9-21-01, 5:30 p.m.
Updated: 9-22-01, 1:00 a.m.
9-22-01, 10:35 a.m.
BY GEOFF HOBSON
The Bengals have lifted the local television blackout for Sunday's game at Paul Brown Stadium against the Ravens.
The 1 p.m. game, which can now be seen on Channel 12 in Cincinnati and Channel 7 in Dayton, is one of six NFL games that weren't sold out 72 hours before kickoff. Because of the Sept. 11 attack, the NFL has allowed those home teams to televise the games locally.
"We're happy we have the option to show the game," said Bengals President Mike Brown. "Not only will people be able to enjoy the game, but also the special events which are planned to honor both our victims and heroes."
MATCHUP OF THE GAME: This is one of the reasons the Bengals signed seven-time Pro Bowl left tackle Richmond Webb during the offseason.
Ravens defensive end Michael McCrary has eight career sacks against the Bengals.
And when he's not doing that, he's recovering the quarterback's fumble. As he did on Akili Smith's 16-yard line last year to set up the Ravens' first touchdown in five games.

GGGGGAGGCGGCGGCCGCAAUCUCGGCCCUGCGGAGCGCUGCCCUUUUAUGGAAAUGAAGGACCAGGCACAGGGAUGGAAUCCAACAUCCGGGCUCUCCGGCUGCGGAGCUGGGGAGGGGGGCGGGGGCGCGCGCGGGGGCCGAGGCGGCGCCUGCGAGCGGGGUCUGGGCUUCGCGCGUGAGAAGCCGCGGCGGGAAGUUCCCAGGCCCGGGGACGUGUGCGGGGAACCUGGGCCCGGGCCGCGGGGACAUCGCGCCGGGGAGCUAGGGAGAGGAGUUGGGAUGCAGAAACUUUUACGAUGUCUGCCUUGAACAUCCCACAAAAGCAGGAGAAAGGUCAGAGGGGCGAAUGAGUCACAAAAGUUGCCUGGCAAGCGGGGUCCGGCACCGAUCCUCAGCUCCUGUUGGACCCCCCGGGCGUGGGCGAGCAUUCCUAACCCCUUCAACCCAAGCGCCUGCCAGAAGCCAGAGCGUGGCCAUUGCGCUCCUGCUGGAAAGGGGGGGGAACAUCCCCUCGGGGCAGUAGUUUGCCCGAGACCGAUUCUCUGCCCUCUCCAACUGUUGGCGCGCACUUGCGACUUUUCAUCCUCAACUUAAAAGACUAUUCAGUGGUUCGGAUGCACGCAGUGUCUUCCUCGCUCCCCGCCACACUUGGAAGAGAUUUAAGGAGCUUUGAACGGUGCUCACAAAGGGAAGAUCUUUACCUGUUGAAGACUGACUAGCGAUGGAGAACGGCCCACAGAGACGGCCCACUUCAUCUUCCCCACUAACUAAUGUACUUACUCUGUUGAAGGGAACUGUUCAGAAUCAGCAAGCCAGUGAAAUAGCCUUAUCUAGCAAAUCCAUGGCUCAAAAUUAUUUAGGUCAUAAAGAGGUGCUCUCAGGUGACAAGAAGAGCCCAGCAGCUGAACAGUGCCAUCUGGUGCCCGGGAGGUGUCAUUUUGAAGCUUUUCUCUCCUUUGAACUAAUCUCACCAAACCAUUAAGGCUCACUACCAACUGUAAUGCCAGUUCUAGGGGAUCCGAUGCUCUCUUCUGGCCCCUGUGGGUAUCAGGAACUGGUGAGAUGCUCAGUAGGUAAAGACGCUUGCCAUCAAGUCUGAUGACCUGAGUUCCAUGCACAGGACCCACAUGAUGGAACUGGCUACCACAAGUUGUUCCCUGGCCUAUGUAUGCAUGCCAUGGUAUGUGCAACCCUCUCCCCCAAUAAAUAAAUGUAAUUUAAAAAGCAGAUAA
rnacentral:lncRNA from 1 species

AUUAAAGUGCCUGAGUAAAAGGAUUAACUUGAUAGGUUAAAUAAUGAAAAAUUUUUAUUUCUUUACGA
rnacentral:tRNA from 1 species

And when he's not doing that, he's forcing the quarterback to fumble. As he did to Jeff Blake two years ago to set up a field goal that gave the Ravens' defense an untouchable 13-0 lead in a 22-0 victory.
Since Nov. 10 1996, no one in the NFL has more sacks than McCrary's 53. But Webb did shut him out when they met in the Dolphins' 24-13 victory over Baltimore in 1997.
"He changes direction. He's got more than one rush
move," Webb said. "He's a guy you can't play overly aggressive against. He has good lateral movement and you have to be patient with him."
Is the 31-year-old McCrary slowing down with 6.5 sacks last season after a four-year run he logged 48.5 in 64 games?